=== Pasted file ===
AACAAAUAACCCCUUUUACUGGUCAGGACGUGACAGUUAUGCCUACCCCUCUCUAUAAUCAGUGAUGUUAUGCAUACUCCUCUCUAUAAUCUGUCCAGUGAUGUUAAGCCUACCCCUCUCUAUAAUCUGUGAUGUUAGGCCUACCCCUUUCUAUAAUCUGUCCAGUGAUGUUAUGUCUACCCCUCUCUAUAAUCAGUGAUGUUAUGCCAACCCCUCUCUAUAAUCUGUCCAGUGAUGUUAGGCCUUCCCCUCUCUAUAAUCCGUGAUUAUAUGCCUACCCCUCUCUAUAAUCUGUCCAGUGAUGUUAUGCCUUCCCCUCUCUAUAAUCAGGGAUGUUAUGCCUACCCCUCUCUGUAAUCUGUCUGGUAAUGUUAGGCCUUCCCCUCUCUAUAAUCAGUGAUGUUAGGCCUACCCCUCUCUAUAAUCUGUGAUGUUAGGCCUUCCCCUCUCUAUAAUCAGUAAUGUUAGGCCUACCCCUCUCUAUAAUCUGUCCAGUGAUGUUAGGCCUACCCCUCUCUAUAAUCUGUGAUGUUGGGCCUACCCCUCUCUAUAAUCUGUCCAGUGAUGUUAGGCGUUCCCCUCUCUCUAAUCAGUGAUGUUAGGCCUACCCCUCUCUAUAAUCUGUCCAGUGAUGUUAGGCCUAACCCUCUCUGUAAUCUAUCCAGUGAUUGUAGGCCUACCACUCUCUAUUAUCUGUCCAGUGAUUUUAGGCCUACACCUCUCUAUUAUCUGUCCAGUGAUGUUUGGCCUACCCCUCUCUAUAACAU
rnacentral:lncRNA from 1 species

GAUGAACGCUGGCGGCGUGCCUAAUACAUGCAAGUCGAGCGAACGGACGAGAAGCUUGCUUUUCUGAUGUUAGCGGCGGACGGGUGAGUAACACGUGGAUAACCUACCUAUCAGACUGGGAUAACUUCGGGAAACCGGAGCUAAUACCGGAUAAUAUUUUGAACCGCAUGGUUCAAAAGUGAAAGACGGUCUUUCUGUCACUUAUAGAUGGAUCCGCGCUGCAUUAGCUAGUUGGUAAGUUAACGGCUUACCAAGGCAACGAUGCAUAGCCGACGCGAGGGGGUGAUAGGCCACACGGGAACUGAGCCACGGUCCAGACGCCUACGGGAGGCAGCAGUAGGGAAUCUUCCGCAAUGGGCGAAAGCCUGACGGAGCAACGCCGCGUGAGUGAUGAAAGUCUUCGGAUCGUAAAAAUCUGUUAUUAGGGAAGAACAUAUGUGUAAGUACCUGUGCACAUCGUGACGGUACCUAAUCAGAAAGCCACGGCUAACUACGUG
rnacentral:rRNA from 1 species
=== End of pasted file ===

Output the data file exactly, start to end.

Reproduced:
AACAAAUAACCCCUUUUACUGGUCAGGACGUGACAGUUAUGCCUACCCCUCUCUAUAAUCAGUGAUGUUAUGCAUACUCCUCUCUAUAAUCUGUCCAGUGAUGUUAAGCCUACCCCUCUCUAUAAUCUGUGAUGUUAGGCCUACCCCUUUCUAUAAUCUGUCCAGUGAUGUUAUGUCUACCCCUCUCUAUAAUCAGUGAUGUUAUGCCAACCCCUCUCUAUAAUCUGUCCAGUGAUGUUAGGCCUUCCCCUCUCUAUAAUCCGUGAUUAUAUGCCUACCCCUCUCUAUAAUCUGUCCAGUGAUGUUAUGCCUUCCCCUCUCUAUAAUCAGGGAUGUUAUGCCUACCCCUCUCUGUAAUCUGUCUGGUAAUGUUAGGCCUUCCCCUCUCUAUAAUCAGUGAUGUUAGGCCUACCCCUCUCUAUAAUCUGUGAUGUUAGGCCUUCCCCUCUCUAUAAUCAGUAAUGUUAGGCCUACCCCUCUCUAUAAUCUGUCCAGUGAUGUUAGGCCUACCCCUCUCUAUAAUCUGUGAUGUUGGGCCUACCCCUCUCUAUAAUCUGUCCAGUGAUGUUAGGCGUUCCCCUCUCUCUAAUCAGUGAUGUUAGGCCUACCCCUCUCUAUAAUCUGUCCAGUGAUGUUAGGCCUAACCCUCUCUGUAAUCUAUCCAGUGAUUGUAGGCCUACCACUCUCUAUUAUCUGUCCAGUGAUUUUAGGCCUACACCUCUCUAUUAUCUGUCCAGUGAUGUUUGGCCUACCCCUCUCUAUAACAU
rnacentral:lncRNA from 1 species

GAUGAACGCUGGCGGCGUGCCUAAUACAUGCAAGUCGAGCGAACGGACGAGAAGCUUGCUUUUCUGAUGUUAGCGGCGGACGGGUGAGUAACACGUGGAUAACCUACCUAUCAGACUGGGAUAACUUCGGGAAACCGGAGCUAAUACCGGAUAAUAUUUUGAACCGCAUGGUUCAAAAGUGAAAGACGGUCUUUCUGUCACUUAUAGAUGGAUCCGCGCUGCAUUAGCUAGUUGGUAAGUUAACGGCUUACCAAGGCAACGAUGCAUAGCCGACGCGAGGGGGUGAUAGGCCACACGGGAACUGAGCCACGGUCCAGACGCCUACGGGAGGCAGCAGUAGGGAAUCUUCCGCAAUGGGCGAAAGCCUGACGGAGCAACGCCGCGUGAGUGAUGAAAGUCUUCGGAUCGUAAAAAUCUGUUAUUAGGGAAGAACAUAUGUGUAAGUACCUGUGCACAUCGUGACGGUACCUAAUCAGAAAGCCACGGCUAACUACGUG
rnacentral:rRNA from 1 species